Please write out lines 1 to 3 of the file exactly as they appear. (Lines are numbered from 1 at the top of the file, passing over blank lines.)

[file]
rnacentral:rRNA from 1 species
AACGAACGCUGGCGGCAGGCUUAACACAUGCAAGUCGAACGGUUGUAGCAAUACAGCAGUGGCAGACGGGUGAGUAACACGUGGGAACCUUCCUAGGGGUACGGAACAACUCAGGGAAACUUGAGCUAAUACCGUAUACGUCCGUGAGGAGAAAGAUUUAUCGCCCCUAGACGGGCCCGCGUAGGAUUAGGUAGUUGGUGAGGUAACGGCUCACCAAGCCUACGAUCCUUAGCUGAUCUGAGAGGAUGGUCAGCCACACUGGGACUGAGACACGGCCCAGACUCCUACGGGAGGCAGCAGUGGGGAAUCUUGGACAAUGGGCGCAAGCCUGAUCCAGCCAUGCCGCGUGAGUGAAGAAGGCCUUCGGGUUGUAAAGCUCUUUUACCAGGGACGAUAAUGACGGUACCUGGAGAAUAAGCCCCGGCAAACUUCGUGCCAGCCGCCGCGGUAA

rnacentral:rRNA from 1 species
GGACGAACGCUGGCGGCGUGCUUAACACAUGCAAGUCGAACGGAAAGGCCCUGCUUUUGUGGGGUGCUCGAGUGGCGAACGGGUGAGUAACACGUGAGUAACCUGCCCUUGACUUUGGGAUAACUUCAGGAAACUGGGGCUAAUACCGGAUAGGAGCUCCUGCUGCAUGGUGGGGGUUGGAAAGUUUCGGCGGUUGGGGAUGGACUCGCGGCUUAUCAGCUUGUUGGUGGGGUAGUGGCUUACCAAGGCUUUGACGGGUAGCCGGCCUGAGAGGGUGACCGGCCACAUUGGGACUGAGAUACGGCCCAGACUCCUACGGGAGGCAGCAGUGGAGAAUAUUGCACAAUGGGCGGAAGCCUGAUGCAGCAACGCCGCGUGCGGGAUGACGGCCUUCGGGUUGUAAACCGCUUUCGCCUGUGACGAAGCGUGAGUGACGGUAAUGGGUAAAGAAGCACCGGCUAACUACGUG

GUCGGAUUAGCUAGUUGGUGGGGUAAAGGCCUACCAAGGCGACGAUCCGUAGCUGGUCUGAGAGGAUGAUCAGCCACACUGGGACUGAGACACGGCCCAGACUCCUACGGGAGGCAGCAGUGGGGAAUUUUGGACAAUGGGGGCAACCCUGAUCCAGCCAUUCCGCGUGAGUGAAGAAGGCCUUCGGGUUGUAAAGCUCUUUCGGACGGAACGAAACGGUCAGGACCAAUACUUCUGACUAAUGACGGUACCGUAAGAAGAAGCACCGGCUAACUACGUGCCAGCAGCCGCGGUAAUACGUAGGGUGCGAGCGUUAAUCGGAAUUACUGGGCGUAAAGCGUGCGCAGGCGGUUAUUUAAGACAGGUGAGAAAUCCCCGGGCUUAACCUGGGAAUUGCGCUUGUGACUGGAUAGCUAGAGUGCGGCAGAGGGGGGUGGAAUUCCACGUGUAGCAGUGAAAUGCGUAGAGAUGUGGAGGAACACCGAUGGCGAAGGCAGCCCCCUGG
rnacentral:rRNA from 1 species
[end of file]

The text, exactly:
rnacentral:rRNA from 1 species
AACGAACGCUGGCGGCAGGCUUAACACAUGCAAGUCGAACGGUUGUAGCAAUACAGCAGUGGCAGACGGGUGAGUAACACGUGGGAACCUUCCUAGGGGUACGGAACAACUCAGGGAAACUUGAGCUAAUACCGUAUACGUCCGUGAGGAGAAAGAUUUAUCGCCCCUAGACGGGCCCGCGUAGGAUUAGGUAGUUGGUGAGGUAACGGCUCACCAAGCCUACGAUCCUUAGCUGAUCUGAGAGGAUGGUCAGCCACACUGGGACUGAGACACGGCCCAGACUCCUACGGGAGGCAGCAGUGGGGAAUCUUGGACAAUGGGCGCAAGCCUGAUCCAGCCAUGCCGCGUGAGUGAAGAAGGCCUUCGGGUUGUAAAGCUCUUUUACCAGGGACGAUAAUGACGGUACCUGGAGAAUAAGCCCCGGCAAACUUCGUGCCAGCCGCCGCGGUAA

rnacentral:rRNA from 1 species